Worried that the costly 911 would narrow its customer base and affect sales, Porsche needed an entry-level model for people who wanted an everyday sports car that was dependable and economical. In those days, nobody considered the economy of performance models, but Porsche realized it could be a good selling point (via Porsche).

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So, in 1965 after the end of the Porsche 356 production, they released the new 912. It was a 911, but with a 2.0-liter, flat four-cylinder engine producing 90 HP and modest performance numbers. The car also costs significantly less than the 911 and was fuel-efficient at 36 mpg. You thought all Porsches are fast, but not all of them were. This model proved that.

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Lancia Scorpion

In 1976, Lancia presented the Scorpion, a US-spec version of its Beta Montecarlo model. The Montecarlo name couldn’t be used for the American market since Chevrolet already had Monte Carlo, so Lancia decided to go with a more aggressive Scorpion nameplate. However, despite the car’s modern looks then and technical layout, the Scorpion could have been a better performer as its four-cylinder engine delivered only 81 HP (via Motor Trend).

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The Scorpion was on sale for two years (1976 and 1977) and sold around 1,800 examples in America. Today, these Lancias are rare but not exactly expensive. Most of them have Fiat’s 2.0-liter engines, which produce more power and give Scorpion the performance it deserves.

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Fiat X 1/9

Behind this strange name lies one of the most interesting, affordable sports cars of the ’70s. Fiat presented the X 1/9 in 1972 as a tiny two-seater with a T-Top. Also, it came with a mid-mounted engine and two trunks: one in the front and one in the back. Just think of it as a Porsche Boxster, only 20 years older.

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Despite its fantastic looks and technical layout, the X 1/9 was underpowered. It got just around 60 HP from its small 1.3-liter four-cylinder engine. And because the performance could have been more impressive, most owners decided to add bigger engines (via Motor Trend).

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DeLorean DMC 12

Started by John DeLorean in the late ’70s, the DeLorean was briefly marketed as the next big thing in the sports car world. For a short time, it looked that America got a sports car brand that could rival Europe’s finest. DeLorean presented an exciting concept with Gullwing doors, a modern, wedge-shaped design, a mid-mounted V6 engine, and stainless steel body (via Supercars).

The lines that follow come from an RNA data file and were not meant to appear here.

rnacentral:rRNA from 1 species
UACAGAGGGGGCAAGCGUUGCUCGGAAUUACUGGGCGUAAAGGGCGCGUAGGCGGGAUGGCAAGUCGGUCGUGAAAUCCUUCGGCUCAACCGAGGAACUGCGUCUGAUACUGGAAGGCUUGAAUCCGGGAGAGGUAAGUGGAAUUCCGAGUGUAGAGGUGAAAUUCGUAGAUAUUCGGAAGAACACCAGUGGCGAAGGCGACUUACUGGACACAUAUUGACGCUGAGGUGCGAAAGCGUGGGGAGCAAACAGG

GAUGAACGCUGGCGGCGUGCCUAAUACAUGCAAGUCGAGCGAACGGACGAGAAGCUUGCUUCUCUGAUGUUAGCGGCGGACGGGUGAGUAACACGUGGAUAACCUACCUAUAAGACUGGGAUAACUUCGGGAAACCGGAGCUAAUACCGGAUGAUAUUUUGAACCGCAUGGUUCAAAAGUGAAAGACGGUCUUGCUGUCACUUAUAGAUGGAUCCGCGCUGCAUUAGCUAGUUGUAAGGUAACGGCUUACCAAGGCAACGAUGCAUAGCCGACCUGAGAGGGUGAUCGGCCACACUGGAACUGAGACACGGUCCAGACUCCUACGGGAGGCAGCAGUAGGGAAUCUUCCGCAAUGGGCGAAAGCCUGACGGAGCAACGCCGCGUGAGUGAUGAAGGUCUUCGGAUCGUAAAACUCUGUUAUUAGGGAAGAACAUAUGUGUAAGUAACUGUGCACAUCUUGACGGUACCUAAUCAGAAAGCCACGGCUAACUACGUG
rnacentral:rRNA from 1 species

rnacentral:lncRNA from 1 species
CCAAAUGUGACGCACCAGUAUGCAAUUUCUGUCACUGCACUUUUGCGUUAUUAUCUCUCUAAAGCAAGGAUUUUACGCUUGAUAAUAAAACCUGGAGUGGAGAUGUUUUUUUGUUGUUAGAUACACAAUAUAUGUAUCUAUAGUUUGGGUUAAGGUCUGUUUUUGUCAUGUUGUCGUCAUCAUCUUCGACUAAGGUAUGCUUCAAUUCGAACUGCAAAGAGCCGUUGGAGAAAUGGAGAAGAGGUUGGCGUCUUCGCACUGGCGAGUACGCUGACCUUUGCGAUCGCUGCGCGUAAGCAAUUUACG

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However, production was late. And when the car was shown, it turned out to be slow, underpowered and riddled with quality issues. Due to its prominent appearance in the ‘Back to the Future’ movies and numerous music videos, the DMC 12 is still one of the automotive symbols of the ’80s.

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Ford Capri

The success of the Ford Mustang made it highly influential, inspiring American car brands to offer a pony car of their own. Even in Europe, the Mustang was popular and common. However, Ford wanted to explore the market further with a smaller European version. That’s how the Capri came to be in 1969.

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Designed in the UK, the Capri was a European Mustang in every way. The Capri looked great with the “long hood-short deck” formula and semi-fastback styling. Although they based it on the standard Cortina and used the same engine, the Capri looked like a thoroughbred muscle car. Most people thought it was a U.S.-built Ford. However, most Capris had diminutive four-cylinder engines. Even six-cylinder versions were not that powerful, even for a fastback (via Auto Express).

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Porsche 356 Speedster

The first Porsche that gave driving enthusiasts a taste of a “race car for the street” was the tiny but significant 356 Speedster. They presented it in the mid-1950s as a special model. It came without luxuries and an open top. Porsche designed the Speedster to be easy to drive on the track and the road (via C Net).

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Although the mechanics were the same as the standard 356, the Speedster came with a flat-four engine with 75 HP on tap. Despite the fact the power was so diminutive, so was the weight. However, 0 to 60 mph figures are around 10 seconds which is ridiculous today. However, its low weight made the 356 Speedster an extremely fun car to drive on the track. Legendary actor and racer Steve McQueen had one too.